This past Sunday, the Boston Local Food Festival took over the Rose Kennedy Greenway in the heart of downtown Boston. The sunny and 75-degree weather created the perfect backdrop to showcase over 100 vendors and exhibitors, and gave over 30,000 visitors a delicious experience in local food and sustainable living.
Growing up in Philadelphia, Morgan Berman, co-founder and CEO of My MilkCrate, always had a connection to urban living and tasty good food inform her childhood. “It started earliest with my mom being a farm-to-table chef and part of that movement in Philadelphia, growing up between an art school and a community garden,” she said. “So I got to see design and local food coming together in this very physical way in my childhood.”
By connecting New England eaters to the abundance of fresh and nutritious local food options, My MilkCrate acted as the interactive food festival in your hand for patrons on Sunday.
Presented by the Sustainable Business Network of Massachusetts, the festival chose My MilkCrate to be the official app of the event. As the official app, My MilkCrate promotes partnered businesses, organizations, and the event itself—before, after, and during the event. The app makes it easy for people to navigate the food festival and other events hosted by SBNM.
Continuing her journey in urban areas, Berman’s first career as a social worker gave her the opportunity to work with very disadvantaged, low-income women. When she saw the impact the loss of local, well-paying jobs had on the Philadelphia economy, Berman recalled, “It really helped bring home why it’s important to support small, local businesses—to also make fresh, local food accessible.”
It wasn’t until after working at Apple for a year that Berman saw how she personally could help urban populations locate the food she knew could be difficult to find. While helping people learn how to use mobile technology, Berman was inspired to take what she viewed as the limitless nature of mobile technology and apply it to something she and so many others are passionate about: sustainability.
The app was created one year ago in Philadelphia, Berman’s hometown and the birthplace of her sustainability focus. My MilkCrate is currently used in three U.S. cities: Philadelphia, Boston, and Denver, and, according to Berman, will hopefully grow to Washington, D.C., and Brooklyn in the next year.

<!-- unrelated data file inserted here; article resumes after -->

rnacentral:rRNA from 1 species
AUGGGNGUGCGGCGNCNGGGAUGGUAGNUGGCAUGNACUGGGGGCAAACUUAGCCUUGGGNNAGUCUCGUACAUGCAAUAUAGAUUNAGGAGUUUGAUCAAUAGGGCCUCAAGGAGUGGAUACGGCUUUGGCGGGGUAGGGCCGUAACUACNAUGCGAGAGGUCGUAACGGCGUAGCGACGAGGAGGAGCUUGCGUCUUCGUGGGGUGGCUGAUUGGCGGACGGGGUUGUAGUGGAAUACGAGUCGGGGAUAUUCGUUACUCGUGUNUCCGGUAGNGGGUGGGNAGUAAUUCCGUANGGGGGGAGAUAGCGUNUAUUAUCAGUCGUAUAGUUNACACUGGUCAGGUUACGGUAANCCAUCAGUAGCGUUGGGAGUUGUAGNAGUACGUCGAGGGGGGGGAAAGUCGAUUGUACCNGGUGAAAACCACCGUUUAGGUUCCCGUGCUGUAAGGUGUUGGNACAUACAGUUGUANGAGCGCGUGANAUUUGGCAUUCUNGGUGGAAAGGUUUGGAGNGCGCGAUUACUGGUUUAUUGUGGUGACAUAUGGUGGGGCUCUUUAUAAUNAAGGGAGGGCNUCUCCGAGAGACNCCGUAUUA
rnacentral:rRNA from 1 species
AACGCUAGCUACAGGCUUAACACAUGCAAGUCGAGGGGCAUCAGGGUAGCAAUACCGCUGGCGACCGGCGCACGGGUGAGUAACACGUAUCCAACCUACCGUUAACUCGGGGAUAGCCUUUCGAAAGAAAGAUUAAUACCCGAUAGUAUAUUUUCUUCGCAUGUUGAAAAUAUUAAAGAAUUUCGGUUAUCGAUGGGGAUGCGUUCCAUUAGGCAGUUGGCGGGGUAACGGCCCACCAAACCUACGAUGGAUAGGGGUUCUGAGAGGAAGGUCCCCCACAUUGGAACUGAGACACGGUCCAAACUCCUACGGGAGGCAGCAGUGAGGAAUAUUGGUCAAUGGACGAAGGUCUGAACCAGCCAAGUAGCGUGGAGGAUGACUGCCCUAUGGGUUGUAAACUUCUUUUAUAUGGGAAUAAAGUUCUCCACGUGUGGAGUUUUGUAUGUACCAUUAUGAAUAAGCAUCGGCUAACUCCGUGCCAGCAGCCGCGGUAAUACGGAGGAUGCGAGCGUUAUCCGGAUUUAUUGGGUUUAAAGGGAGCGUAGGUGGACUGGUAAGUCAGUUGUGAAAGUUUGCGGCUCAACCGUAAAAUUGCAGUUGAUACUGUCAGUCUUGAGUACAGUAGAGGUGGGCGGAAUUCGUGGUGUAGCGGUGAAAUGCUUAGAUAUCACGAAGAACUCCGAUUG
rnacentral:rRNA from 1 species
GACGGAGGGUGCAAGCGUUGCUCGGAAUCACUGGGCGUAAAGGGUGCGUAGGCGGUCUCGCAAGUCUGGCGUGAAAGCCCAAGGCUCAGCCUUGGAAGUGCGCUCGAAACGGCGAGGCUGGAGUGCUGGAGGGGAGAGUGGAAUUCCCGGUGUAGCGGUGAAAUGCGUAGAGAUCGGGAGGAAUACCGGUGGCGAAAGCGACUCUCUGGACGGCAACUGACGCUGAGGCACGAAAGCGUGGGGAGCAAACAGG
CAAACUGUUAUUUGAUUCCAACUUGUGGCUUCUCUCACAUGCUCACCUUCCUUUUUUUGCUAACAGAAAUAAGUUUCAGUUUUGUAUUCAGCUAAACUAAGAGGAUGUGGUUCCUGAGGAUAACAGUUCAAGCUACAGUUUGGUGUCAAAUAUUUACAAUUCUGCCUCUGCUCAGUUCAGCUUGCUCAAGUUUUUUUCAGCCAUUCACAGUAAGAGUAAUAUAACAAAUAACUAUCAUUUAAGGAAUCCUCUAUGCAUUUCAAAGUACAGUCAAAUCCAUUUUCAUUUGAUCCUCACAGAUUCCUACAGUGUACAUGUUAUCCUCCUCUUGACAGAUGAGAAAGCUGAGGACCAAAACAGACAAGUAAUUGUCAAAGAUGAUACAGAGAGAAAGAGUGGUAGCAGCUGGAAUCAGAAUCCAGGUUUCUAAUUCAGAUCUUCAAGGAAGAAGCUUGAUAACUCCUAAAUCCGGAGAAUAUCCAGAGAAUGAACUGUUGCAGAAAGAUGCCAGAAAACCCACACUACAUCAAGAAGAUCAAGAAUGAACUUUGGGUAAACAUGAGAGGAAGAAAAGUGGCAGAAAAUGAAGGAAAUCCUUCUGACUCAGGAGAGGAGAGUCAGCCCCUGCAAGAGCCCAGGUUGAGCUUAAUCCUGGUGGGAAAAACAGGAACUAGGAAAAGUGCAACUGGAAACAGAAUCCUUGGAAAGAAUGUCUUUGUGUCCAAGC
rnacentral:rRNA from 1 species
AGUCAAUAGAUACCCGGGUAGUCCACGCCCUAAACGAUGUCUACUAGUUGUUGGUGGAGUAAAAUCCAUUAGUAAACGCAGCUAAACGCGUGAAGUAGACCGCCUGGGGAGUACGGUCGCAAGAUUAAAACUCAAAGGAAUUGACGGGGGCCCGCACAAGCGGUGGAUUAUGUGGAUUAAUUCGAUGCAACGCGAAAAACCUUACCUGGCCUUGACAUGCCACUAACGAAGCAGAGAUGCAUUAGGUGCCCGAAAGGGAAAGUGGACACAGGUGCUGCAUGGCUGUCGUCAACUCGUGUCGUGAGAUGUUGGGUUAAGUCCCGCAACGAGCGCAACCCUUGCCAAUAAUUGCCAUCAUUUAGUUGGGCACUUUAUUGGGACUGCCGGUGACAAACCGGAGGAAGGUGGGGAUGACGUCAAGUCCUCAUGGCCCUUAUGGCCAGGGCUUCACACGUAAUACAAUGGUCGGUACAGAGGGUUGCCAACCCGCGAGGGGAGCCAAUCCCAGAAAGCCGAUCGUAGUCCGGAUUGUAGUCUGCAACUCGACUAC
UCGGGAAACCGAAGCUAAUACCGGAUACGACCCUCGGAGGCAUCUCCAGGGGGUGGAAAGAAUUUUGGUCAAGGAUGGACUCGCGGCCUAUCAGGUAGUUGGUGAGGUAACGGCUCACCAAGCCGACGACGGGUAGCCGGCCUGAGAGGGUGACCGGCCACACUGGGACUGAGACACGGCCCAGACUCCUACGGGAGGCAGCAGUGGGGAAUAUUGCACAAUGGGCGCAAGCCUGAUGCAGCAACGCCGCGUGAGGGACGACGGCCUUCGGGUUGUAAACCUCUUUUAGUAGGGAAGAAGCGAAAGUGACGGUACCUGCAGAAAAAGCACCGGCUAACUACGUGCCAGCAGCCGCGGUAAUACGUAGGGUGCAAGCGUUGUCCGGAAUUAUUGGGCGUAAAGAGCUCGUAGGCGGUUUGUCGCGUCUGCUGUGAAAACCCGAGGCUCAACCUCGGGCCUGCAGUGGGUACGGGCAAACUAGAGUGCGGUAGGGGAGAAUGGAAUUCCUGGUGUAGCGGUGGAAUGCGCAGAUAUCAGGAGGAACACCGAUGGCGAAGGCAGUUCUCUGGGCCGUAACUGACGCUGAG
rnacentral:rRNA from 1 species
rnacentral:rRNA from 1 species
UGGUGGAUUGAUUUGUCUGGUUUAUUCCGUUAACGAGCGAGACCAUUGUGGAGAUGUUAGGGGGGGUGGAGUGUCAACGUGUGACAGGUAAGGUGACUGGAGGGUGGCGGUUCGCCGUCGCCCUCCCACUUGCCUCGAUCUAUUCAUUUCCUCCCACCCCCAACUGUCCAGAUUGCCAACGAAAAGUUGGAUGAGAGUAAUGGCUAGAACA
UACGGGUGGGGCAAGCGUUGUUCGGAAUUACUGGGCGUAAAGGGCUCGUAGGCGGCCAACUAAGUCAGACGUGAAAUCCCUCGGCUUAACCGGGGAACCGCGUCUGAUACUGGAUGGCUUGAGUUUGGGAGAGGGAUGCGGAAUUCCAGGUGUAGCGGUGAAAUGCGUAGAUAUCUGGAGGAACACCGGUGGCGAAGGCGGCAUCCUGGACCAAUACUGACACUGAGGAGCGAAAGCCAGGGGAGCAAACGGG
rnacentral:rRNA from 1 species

My MilkCrate can be very beneficial to Bostonians beyond its ability to promote sustainability events around the city, Berman argued. The advantage of My MilkCrate is that users can find local, sustainable restaurants near them, learn about sustainable businesses and services in the area, and access a calendar for events in their city they might want to attend. The app enables consumers to spend their money at businesses that uphold their values and eat food that is good for them, as well as the earth.
“What we really want to do is help demonstrate that people can make a difference with their dollars, and that by showing people the impact they can have, actually shift spending and grow the local, sustainable economy,” Berman said.
Looking to the future, Berman wants her app to enable consumers to locate and connect with the food sources they desire and help grow those resources by making them more accessible. For an event like the Boston Local Food Festival—one that showcases farmers, local restaurants, food trucks, fisherman, and organizations focused on healthy lifestyle—My MilkCrate seems like a natural choice for the official app.
Now for Berman, when the Philadelphia native comes to Boston, there’s only one food choice for her: lobster.
“I am not the vegan on the team,” she said.
Featured Images by Leslie Sellers / Heights Staff